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GRAS Salts as Alternative Low-Toxicity Chemicals for Postharvest Preservation of Fresh Horticultural Products

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Part of the Plant Pathology in the 21st Century book series (ICPP,volume 11)

Abstract

Among means alternative to chemical fungicides to control postharvest decay of fresh horticultural products, low-toxicity chemicals, classified as food additives or Generally Recognized As Safe (GRAS) compounds, are of interest because of their low toxicological effects on mammals and minimal impact on the environment. These chemicals include some essential oils, plant extracts, and other natural compounds, but also synthetic inorganic or organic salts such as carbonates, sorbates, benzoates, acetates, paraben salts, silicates, etc. Major advantages of these salts are their inherent antimicrobial activity and high solubility in water. In general, research with GRAS salts initiates with the in vitro evaluation of the antimicrobial activity of aqueous solutions against target postharvest pathogens. Selected salt solutions and concentrations are then assayed in in vivo trials, first at the laboratory scale with fresh produce artificially inoculated with the pathogen and afterwards at semi-commercial or commercial scale with naturally infected produce. GRAS salts can also be used as antimicrobial ingredients of synthetic composite edible coatings, which can have an impact on both physiological and pathological factors limiting the postharvest life of fresh horticultural products. Coating formulation and selection is based on in vivo decay control ability and overall produce quality maintenance during cold storage.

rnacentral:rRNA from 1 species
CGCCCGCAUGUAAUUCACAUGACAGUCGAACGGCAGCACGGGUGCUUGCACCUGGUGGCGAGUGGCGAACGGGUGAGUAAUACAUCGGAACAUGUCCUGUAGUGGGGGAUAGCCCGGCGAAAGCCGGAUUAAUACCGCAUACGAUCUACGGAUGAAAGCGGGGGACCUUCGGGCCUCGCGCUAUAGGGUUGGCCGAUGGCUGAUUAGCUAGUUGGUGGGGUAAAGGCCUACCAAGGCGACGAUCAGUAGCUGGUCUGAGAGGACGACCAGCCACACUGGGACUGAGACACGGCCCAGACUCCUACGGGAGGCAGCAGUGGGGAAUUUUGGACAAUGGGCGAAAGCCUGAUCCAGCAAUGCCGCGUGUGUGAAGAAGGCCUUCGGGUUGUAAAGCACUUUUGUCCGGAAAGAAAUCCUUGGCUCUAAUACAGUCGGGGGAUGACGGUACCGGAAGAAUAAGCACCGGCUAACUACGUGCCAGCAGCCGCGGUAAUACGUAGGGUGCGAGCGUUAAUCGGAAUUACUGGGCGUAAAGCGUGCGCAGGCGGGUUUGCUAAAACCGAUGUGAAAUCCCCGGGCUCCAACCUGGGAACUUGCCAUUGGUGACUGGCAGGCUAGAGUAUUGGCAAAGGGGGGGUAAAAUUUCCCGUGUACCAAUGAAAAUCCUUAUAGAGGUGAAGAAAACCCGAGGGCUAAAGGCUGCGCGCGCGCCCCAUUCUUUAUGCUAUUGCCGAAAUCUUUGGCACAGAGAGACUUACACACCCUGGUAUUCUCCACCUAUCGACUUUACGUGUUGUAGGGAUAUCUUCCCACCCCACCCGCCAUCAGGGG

Keywords

  • Fresh produce
  • Postharvest decay
  • Fungicide-free control
  • Food preservatives
  • Antimicrobial edible coatings

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Fig. 11.1
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Acknowledgements

Spanish IVIA, INIA, and AEI and the European Union Commission (FEDER Program) are gratefully acknowledged for providing financial support to conduct research on this topic.

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Correspondence to Lluís Palou .

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Palou, L., Pérez-Gago, M.B. (2021). GRAS Salts as Alternative Low-Toxicity Chemicals for Postharvest Preservation of Fresh Horticultural Products. In: Spadaro, D., Droby, S., Gullino, M.L. (eds) Postharvest Pathology. Plant Pathology in the 21st Century, vol 11. Springer, Cham. https://doi.org/10.1007/978-3-030-56530-5_11

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